I spend a considerable amount of time and energy writing about political reality in an attempt to not necessarily become satisfied with it and complacent about it, but to use political reality as a means of changing the system from within. Ignoring reality and plowing ahead with a political agenda is sort of like trying to write a new and interesting song without knowing how to play a musical instrument. You can't change music without knowing and embracing the basic vocabulary of music, and so it is with politics.
However, there's one aspect of political and, in this case, social reality that continuously confounds me. Americans, including the most vocal liberal activists in social media and the blogs, have an excruciatingly short attention span.
Yesterday, David Frum linked to several statistics showing that the conversation about gun control has reverted back to December 13, 2012 levels -- the day before the Sandy Hook massacre.
On the 13th, there were around 200 mentions of gun control in the news, but in the aftermath of the shooting, that number spiked to around 2,800 mentions by December 19. Of course no one expects the news media to maintain that level of coverage in perpetuity, but we ought to expect a slightly higher frequency of stories given the critical importance of the issue. Certainly the press didn't shut up about 9/11 and terrorism to a point of reverting back to September 10, 2001 levels. Why this issue?
Maybe the answer to that question has to do with viewer demand. No, the press isn't the only guilty party here. It turns out Twitter mentions of gun control dropped back to pre-Sandy Hook levels. Put another way, we lost interest, too, at least insofar as Twitter users are a somewhat accurate indicator of broader interest.
Perhaps it was the holiday break or the natural self-defending anesthesia that numbs us to horrors being played out in the news media. Perhaps both. But it turns out these numbers would be even lower if David Gregory hadn't generated controversy by holding up an extended magazine on Meet the Press.
No one can force us to be interested in a topic, especially one as horrifying as Sandy Hook and gun violence, but if you're asking yourself why there hasn't been any serious gun control legislation in nearly 20 years, especially considering the sheer volume of mass shootings, it's the fact that we can seldom retain enough outrage following a tragedy in order to adequately fuel positive changes. Again, that's not to say we or the news media has to engage in wall-to-wall gun control coverage. But the numbers don't even show a minor increase in public or media interest. It's back to business as usual. Nothing.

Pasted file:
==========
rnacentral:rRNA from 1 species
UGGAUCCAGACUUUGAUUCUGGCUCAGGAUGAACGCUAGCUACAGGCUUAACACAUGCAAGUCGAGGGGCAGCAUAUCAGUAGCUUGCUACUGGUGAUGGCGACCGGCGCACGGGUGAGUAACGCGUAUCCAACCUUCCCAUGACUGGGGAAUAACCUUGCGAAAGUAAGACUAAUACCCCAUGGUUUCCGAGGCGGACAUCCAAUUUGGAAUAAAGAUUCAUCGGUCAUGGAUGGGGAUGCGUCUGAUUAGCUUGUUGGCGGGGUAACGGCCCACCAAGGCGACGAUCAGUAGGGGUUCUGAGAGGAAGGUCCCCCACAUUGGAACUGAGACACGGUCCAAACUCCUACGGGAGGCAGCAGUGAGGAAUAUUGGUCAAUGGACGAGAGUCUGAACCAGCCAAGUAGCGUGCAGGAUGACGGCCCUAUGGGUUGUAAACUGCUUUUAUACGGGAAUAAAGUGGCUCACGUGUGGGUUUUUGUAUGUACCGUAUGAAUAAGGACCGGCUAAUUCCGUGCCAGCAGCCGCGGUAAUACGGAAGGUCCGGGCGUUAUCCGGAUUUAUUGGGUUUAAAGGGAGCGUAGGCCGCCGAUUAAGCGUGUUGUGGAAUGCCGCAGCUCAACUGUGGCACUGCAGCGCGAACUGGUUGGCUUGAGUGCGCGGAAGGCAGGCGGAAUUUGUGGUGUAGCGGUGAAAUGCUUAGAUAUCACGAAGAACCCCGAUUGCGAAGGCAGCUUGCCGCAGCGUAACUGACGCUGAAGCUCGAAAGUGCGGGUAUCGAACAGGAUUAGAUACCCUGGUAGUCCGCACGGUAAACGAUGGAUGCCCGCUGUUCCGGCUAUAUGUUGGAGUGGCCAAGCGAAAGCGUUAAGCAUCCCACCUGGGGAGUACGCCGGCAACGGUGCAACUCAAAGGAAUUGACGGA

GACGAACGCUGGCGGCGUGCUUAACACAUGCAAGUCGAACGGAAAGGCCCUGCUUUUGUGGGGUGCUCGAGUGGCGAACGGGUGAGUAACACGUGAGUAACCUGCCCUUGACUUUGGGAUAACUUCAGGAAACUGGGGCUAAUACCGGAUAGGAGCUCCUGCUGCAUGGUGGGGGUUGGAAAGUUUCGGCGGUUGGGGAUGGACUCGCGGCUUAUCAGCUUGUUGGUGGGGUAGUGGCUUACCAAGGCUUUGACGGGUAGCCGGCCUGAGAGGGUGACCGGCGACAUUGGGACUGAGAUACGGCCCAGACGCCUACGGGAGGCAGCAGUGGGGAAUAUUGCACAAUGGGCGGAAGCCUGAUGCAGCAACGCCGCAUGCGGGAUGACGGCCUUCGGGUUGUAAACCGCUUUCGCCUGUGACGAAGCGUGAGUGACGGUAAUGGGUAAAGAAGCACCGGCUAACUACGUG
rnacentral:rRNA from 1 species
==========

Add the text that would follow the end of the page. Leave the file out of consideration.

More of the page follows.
Given how the news media, and social media for that matter, is perpetually starved for content, there's no excuse why gun control can't be shoehorned into the mix, at least until an ongoing and self-sustaining effort is underway to dismantle the gun culture. This is especially true given how Americans are being killed by firearms every day. In the relatively few days since Sandy Hook another 393 people have killed by firearms. That includes 6 children and 20 teenagers. 25 people on Christmas Day alone -- two of those Christmas shooting deaths were children: Alfreddie Gipson, 10 years old, and Sincere Tymere Smith, 2 years old.
Meanwhile, the NRA never sleeps.
We can count on the NRA to exploit the predictable receding of public interest to undermine any momentum for new gun laws. Fact. Consequently, we'll see all kinds of nonsense bills emerging from Congress regarding video games or making sure there are more guns in schools, and all of this strategic ridiculousness will be relentlessly foisted upon the public as serious responses to the problem. Yet the only response is to get the guns, and we'll only ever get there is to give a shit about gun control -- to keep up the pressure on the news media and generate the critical mass necessary for serious change.